Saturday, December 21, 2013

The rich history of Santa and his evil sidekick

I have learned a great deal about the origins of Santa Claus from this article by philosopher Kyle Johnson



The central premise is that the idea that St Nicholas is Father Christmas is more myth than reality. St.Nicholas’ existence is sketchy at best, with the first details about the man emerging only several hundred years after his death. Also, stories that St.Nicholas gave away his possessions, provided the dowry for three daughters of a poor father, and intervened to save the life of a condemned man, all closely fit the Greek writer Philostratus’ account of the Pythagorean philosopher Apollonius. Coincidence?

We also know that over the centuries, many pagan gods were “Christianised” by being “sainted” in to the religion to make it more palatable to potential converters to the new faith. St Nicholas, with his far reaching miraculous powers, was adopted as the saint of sailors, penitent thieves, archers and prostitutes, and it appears that his character took on many of the aspects of several other gods. For example, he supposedly performed the same miracles as Posiedon, Neptune and the god Hold Nicker. Indeed, temples to these gods were appropriated and renamed for Nicholas. 

 

He seems to also have taken on the whit beard characteristic of the Norse god Odin, who would return in the month of December on an eight-legged horse. Odin, also known as Julebuk in Scandinavia, would visit with presents, and he would be accompanied by Brechta, who would bestow blessings and curses depending on whether children had been good or bad. Households would also leave out oats for Odin’s horse. 

 

Now it gets darker. For many years, there was a strong disciplinary angle to the mythology. Postcards from around the turn of 20th century show St. Nicholas putting children in sacks to be carried off, and sometimes Santa is pictured whipping them for misbehaving. For a long time, St Nicholas had assisting him a devil or Wild Man (Christians adopted the pagan Wild Man and changed him in to a devil), who was a horned, half-man, half-goat. The wild man creature would be released by St.Nicholas if the children had been bad, to be carried off to hell, whipped, put in chains, etc. This character was called Krampus in some European countries and he has in fact undergoing quite the revival! Note, this Wild Man was often called “Claus”.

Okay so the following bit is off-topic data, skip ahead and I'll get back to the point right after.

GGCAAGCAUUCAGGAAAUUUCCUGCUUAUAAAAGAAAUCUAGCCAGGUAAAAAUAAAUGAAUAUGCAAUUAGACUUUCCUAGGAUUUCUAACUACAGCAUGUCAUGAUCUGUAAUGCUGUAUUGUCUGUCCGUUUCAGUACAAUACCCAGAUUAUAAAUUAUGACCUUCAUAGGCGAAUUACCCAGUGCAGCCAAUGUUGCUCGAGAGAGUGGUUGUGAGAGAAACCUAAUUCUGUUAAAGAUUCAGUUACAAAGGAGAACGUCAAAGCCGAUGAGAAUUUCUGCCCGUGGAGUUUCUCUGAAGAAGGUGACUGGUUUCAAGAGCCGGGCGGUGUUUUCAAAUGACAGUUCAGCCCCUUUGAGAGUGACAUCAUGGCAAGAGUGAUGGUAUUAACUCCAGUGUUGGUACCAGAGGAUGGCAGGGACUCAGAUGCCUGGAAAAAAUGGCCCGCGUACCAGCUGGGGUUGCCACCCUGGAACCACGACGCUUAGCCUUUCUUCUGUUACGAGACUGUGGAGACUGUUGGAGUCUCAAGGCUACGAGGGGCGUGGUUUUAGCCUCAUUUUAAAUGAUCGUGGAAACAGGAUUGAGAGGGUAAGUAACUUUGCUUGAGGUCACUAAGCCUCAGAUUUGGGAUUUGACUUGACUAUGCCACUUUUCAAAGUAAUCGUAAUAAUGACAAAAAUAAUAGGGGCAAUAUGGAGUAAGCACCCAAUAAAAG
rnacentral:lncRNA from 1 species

In Germany, the Wild Man/devil and St.Nicholas blended together over the years: the furry Wild Man was manifested in Santa Claus’s furry costume; his sack was used to carry presents instead of bagging naughty children; and the birch used to beat children became a whip for the reindeer (the reindeer may have evolved from Thor’s two magical goats, Donder and Blitzen, who flew the Greek God’s chariot). 

 

For some time, Santa Claus appeared not as we know him today but as a dirty, furry, peddler type character. He cleaned up over the years and his girth increased substantially by the efforts of Harper’s Weekly in the later 1800s. He was quickly becoming a wholesome character to be loved, not feared. Mrs Claus appeared in 1881 through a poem, and in 1931, Santa’s official colours became red and white through the advertising work of Coca-Cola. The soft-drink company took away his smoking pipe and replaced it with a bottle of coke. Over the years, the idea of giving an endless quantity of presents developed, and when the stockings were overfilled, gifts would be hung on a table top tree. The tree quickly migrated off the table and grew in size to accommodate the increasing number of gifts.

 

I quite like the evolution of Santa and how he has moved with the times and become almost something devoid of religious tones. Instead of lamenting the fact that Christmas no longer “means” anything, perhaps we should accept and enjoy what it is morphing into, an irreligious celebration of giving and consideration, with a hefty dose of consumerism thrown into the mix (it’s this latter element that I think needs to evolve or devolve a little). Also I like the fact that Krampus is making a revival, although he is a bit rich for the delicate minds of young children. That said, the character would be far more palatable if parents stopped pretending that Santa and companions were all real. 

Merry xmas all and remember not to misbehave if you know what's good for you!

 





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